The undergraduate Computer Engineering program provides an
education in the fundamentals of mathematics and the physical sciences,
coupled with a strong emphasis on analysis and design of computer
hardware and software that is essential for solving real-world
There is also a strong emphasis on the humanities and the development
of an appreciation for societal issues, which are introduced into the
curriculum through course work and seminars.
The program is accredited by the Engineering Accreditation Commission of ABET,
The overall objective of the Computer
Engineering Program is for our graduates to become successful professionals in
a diverse, global environment, and to be able to innovate and operate new
technologies, and adapt to shifting technologies, in the career path they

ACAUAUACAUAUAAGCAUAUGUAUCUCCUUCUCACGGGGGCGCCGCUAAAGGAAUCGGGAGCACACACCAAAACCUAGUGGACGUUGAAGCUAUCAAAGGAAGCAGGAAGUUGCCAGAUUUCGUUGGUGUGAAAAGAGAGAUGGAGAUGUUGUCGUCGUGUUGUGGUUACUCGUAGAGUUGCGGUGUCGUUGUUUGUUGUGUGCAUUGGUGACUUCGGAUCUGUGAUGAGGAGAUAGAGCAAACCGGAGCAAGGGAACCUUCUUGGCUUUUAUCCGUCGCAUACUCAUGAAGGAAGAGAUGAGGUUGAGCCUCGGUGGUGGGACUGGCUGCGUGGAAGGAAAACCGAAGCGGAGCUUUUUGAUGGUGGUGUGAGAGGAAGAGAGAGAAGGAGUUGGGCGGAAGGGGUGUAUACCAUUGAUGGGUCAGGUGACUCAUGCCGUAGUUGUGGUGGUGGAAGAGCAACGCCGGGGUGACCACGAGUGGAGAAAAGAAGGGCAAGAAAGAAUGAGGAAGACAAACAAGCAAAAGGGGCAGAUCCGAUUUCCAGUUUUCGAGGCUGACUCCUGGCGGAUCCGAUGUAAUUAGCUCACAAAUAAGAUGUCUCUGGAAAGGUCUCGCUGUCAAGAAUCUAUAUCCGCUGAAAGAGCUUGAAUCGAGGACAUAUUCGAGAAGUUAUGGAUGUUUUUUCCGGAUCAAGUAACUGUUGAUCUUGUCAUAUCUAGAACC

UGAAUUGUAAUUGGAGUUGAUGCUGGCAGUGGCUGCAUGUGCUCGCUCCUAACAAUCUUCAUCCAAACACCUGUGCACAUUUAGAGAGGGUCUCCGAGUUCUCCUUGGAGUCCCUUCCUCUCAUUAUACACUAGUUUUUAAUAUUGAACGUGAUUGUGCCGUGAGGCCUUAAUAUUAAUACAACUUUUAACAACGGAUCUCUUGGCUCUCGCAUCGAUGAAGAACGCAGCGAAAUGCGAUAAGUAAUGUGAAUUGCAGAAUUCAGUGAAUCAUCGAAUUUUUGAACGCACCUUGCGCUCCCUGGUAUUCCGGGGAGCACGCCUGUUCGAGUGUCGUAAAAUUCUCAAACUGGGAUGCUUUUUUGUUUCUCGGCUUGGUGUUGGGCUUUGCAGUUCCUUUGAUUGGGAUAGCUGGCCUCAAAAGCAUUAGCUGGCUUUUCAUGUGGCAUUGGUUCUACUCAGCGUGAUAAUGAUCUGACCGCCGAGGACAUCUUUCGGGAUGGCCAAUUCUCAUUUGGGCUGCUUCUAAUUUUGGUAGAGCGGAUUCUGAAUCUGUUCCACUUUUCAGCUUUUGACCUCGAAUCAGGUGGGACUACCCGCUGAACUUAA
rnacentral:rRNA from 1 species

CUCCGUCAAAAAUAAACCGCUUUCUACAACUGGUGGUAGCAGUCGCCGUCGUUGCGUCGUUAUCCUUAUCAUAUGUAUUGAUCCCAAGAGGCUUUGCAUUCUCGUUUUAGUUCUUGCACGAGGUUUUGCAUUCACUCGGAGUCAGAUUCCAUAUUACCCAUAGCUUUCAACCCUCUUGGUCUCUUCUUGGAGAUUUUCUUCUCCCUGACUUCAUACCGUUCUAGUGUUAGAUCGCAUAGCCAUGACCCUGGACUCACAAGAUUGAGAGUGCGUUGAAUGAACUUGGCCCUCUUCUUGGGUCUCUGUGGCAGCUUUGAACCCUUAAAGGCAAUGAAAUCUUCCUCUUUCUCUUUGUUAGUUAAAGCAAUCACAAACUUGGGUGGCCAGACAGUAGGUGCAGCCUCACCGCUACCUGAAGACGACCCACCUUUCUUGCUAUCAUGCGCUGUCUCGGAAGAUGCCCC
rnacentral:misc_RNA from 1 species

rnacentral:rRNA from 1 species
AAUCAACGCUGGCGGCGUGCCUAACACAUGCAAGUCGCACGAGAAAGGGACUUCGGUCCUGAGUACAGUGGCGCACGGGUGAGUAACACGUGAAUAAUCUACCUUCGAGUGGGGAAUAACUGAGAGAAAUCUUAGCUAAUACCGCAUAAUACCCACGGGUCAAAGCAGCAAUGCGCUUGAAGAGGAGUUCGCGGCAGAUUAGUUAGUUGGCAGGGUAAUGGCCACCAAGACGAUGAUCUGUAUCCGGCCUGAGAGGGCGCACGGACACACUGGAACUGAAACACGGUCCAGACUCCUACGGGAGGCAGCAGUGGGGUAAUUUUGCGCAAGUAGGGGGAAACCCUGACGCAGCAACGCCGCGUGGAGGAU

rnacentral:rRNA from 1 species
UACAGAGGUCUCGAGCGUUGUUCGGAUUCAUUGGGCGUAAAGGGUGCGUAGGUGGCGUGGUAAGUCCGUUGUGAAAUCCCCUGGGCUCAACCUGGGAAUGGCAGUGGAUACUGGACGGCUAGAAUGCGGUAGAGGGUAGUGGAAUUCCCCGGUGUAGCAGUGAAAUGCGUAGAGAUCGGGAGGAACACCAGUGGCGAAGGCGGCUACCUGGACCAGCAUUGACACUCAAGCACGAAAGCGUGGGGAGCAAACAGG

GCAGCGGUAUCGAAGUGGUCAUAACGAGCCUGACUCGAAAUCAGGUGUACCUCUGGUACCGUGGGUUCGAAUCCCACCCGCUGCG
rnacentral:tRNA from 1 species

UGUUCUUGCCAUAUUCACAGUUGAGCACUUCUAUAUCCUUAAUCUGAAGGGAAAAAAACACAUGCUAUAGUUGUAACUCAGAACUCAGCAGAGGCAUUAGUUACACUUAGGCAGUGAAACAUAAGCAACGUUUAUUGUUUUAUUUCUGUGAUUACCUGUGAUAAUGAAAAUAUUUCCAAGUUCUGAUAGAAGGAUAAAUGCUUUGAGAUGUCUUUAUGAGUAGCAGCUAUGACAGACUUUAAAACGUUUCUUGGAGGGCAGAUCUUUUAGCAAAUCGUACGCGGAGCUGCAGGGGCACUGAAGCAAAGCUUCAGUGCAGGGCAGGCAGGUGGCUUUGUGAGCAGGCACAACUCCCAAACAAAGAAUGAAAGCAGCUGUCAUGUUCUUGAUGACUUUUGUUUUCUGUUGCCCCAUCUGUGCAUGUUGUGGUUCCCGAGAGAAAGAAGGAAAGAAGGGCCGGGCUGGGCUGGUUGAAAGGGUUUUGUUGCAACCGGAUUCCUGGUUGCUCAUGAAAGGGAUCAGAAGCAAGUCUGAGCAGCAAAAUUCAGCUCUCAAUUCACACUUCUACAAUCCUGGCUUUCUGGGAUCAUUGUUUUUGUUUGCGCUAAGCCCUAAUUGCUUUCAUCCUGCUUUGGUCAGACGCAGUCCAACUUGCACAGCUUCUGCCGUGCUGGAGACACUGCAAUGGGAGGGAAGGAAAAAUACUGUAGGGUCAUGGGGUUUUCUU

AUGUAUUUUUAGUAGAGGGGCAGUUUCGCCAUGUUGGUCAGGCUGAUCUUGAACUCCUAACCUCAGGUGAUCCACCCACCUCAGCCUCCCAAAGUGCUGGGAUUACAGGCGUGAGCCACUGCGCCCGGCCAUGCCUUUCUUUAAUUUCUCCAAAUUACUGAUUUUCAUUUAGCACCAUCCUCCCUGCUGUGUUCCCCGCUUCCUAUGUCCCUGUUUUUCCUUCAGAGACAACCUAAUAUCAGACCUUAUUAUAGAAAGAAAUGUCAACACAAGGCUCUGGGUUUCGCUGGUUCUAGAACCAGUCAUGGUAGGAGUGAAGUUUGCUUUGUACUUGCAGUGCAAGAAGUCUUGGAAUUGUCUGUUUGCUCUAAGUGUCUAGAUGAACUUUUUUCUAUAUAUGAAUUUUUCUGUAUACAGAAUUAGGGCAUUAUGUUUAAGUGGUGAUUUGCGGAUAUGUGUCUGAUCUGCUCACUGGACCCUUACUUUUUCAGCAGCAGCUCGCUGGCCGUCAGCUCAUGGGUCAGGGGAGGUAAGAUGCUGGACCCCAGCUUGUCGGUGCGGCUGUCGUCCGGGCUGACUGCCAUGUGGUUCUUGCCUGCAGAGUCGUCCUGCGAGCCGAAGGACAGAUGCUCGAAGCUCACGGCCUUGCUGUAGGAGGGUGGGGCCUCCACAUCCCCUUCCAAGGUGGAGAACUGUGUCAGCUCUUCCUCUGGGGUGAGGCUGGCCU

choose to pursue. This includes careers in computer engineering through
employment in industry, academic research, government or private practices, as
well as careers in other engineering, computing, science, or professional
disciplines such as bioengineering, electrical engineering, computer science, business,
law, or medicine. Our graduates will also pursue advanced study in
computer engineering or other engineering, science, or professional and
academic fields and be able to serve in leadership positions in industry,
academia, research, or government.
The most recent set of the ABET criteria (3a-3k), taken from the Criteria for Accrediting Engineering Programs Effective for Evaluations During the 2011-2012 Accreditation Cycle are:
a. an ability to apply knowledge of mathematics, science, and engineering;